Longford manager Denis Connerton has been down this road before.
In 2004, the only previous occasion that Longford faced Monaghan in senior championship football, he masterminded a memorable extra time victory over Colm Coyle’s charges away in St Tiernach’s Park.
And twelve years later, Denis is returning to Clones hoping to repeat the oracle.
The odds may be stacked against Longford pulling off another giant killing act but they will relish the challenge.
After watching Monaghan lose to Donegal by 2-10 to 0-17 in last Saturday’s Ulster semi-final replay at Kingpsan Breffni Park, Denis said, “What is imperative for us, is that we can’t doubt ourselves.”
He added, “Yes, we are up against very good opposition in Monaghan but we just cannot go to Clones and basically pay homage to them. We’ve got to respect them for what they have done. But we just can’t go there and be in awe.”
Just seven days earlier in the drawn encounter, All Star Conor McManus, nailed eight points as Monaghan (0-14) finished level with Donegal (1-11). He also contributed 0-8 when Monaghan crushed Down by 2-22 to 0-9, in the Ulster quarter-final on June 5. Kieran Duffy and sub Owen Duffy netted the goals.
Using Down as the barometer - Monaghan defeated them by 19 points and Longford scraped past them by four points - it suggests there can only be one winner on Saturday. Denis, his co-management and players will be hoping to defy that assessment.
“The guys were buzzing in training on the Monday night after the Down victory,” remarked Denis.
He continued, “It was a difficult fixture for us, playing a team that would be rated 8th or 9th in the country and then having a long trip away. It was a terrific victory. The lads put in a fantastic shift and played exceptionally well.”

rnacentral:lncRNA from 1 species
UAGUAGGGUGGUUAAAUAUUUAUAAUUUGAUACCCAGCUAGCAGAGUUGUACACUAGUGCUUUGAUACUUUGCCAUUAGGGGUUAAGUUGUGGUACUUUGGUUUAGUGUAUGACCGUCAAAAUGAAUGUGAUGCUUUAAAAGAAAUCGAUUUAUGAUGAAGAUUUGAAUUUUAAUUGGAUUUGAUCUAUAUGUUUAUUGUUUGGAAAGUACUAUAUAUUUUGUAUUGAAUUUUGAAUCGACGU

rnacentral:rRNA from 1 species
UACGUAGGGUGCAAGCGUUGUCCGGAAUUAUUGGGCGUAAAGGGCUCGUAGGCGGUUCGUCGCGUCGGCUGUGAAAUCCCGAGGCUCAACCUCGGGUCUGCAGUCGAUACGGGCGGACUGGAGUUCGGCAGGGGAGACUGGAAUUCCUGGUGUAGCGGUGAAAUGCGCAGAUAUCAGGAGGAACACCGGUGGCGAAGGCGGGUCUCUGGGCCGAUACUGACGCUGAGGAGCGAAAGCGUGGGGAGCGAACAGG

The character shown by his players really impressed Denis.
“They have character and I’ve been saying that all season. We had to win against Westmeath (in Rd 7 of the NFL to remain in Division 3) and we won after losing to Clare the previous week. It is the sign of a good team when they lose, to be able to bounce back.
“And in that Down game, Down came back very strongly at us. They got a goal within seconds of the throw-in of the second half. Our players had to dust themselves down and really get back at them. It showed great character.”
The Fermoyle NS principal believes gaelic football is educational, and while it was great to defeat Down, there remains significant room for improvement.
“Every game you go out to play you have to learn something from it. You have to work hard at the aspects that you are both happy with and not happy with. When you kick 15 wides in a match there is room for improvement.”
In the build up to the opening round of the Leinster Championship where Longford lost out to Offaly by 2-13 to 2-21, Denis ruffled many feathers when he issued a statement suggesting they were ‘unlikely to defeat Offaly’ and ‘we are preparing for the qualifiers’ owing to the failure of the County Board CCCC to postpone a round of local league games. He highlighted that team preparation was being hampered by the fixing of the games and also that earlier rounds took several days to complete rather than being played on the same day.
“That statement before the Offaly, so you were right all along,” I suggest.